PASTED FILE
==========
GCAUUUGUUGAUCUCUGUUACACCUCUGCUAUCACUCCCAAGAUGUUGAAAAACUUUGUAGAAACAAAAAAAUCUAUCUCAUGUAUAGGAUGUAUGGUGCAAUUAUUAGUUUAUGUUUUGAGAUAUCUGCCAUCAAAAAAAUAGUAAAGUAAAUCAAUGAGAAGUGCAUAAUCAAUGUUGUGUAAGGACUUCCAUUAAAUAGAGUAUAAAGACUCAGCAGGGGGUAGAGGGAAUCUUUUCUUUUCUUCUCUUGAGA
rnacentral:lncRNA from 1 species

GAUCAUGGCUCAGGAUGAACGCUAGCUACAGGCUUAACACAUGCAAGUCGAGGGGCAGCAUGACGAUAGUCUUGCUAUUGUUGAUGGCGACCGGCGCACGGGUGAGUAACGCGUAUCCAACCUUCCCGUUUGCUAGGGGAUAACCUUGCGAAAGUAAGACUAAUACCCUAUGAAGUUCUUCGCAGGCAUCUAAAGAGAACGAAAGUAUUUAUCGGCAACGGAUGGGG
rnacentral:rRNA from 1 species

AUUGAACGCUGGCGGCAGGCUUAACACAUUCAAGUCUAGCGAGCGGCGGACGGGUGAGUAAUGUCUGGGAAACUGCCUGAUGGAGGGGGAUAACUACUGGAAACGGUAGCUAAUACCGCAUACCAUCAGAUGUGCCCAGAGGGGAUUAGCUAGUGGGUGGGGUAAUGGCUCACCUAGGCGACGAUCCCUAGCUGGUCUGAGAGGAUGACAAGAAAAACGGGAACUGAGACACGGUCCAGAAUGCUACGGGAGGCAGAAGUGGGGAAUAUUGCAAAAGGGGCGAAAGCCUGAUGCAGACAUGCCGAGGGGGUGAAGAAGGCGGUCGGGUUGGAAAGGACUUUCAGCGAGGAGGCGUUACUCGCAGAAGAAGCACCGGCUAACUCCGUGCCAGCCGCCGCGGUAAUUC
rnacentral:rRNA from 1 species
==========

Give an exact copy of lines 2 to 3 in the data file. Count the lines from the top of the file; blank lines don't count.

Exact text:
rnacentral:lncRNA from 1 species

GAUCAUGGCUCAGGAUGAACGCUAGCUACAGGCUUAACACAUGCAAGUCGAGGGGCAGCAUGACGAUAGUCUUGCUAUUGUUGAUGGCGACCGGCGCACGGGUGAGUAACGCGUAUCCAACCUUCCCGUUUGCUAGGGGAUAACCUUGCGAAAGUAAGACUAAUACCCUAUGAAGUUCUUCGCAGGCAUCUAAAGAGAACGAAAGUAUUUAUCGGCAACGGAUGGGG